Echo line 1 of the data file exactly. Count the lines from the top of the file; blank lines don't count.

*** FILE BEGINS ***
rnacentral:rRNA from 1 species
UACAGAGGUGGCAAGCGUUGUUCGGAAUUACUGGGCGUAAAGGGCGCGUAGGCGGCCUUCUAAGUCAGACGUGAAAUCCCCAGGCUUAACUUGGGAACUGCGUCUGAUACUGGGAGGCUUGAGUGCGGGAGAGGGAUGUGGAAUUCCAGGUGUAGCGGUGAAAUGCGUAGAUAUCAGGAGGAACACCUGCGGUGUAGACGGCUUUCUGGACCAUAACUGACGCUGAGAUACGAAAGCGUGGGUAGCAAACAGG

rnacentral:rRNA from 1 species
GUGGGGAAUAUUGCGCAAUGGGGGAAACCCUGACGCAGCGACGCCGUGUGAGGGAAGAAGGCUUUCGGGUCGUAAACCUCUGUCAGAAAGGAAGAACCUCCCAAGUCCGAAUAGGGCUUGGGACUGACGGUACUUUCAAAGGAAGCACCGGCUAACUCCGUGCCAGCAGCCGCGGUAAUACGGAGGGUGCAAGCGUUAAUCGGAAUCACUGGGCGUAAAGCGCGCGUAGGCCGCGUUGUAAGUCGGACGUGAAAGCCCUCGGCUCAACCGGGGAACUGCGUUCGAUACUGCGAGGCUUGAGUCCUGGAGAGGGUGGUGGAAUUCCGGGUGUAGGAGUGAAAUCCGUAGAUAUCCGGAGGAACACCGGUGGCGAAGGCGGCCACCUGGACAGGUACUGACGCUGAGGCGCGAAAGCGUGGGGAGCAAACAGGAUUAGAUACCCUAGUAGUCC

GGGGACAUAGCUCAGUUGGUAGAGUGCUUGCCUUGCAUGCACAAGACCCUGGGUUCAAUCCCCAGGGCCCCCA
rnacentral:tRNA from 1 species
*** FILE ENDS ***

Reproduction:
rnacentral:rRNA from 1 species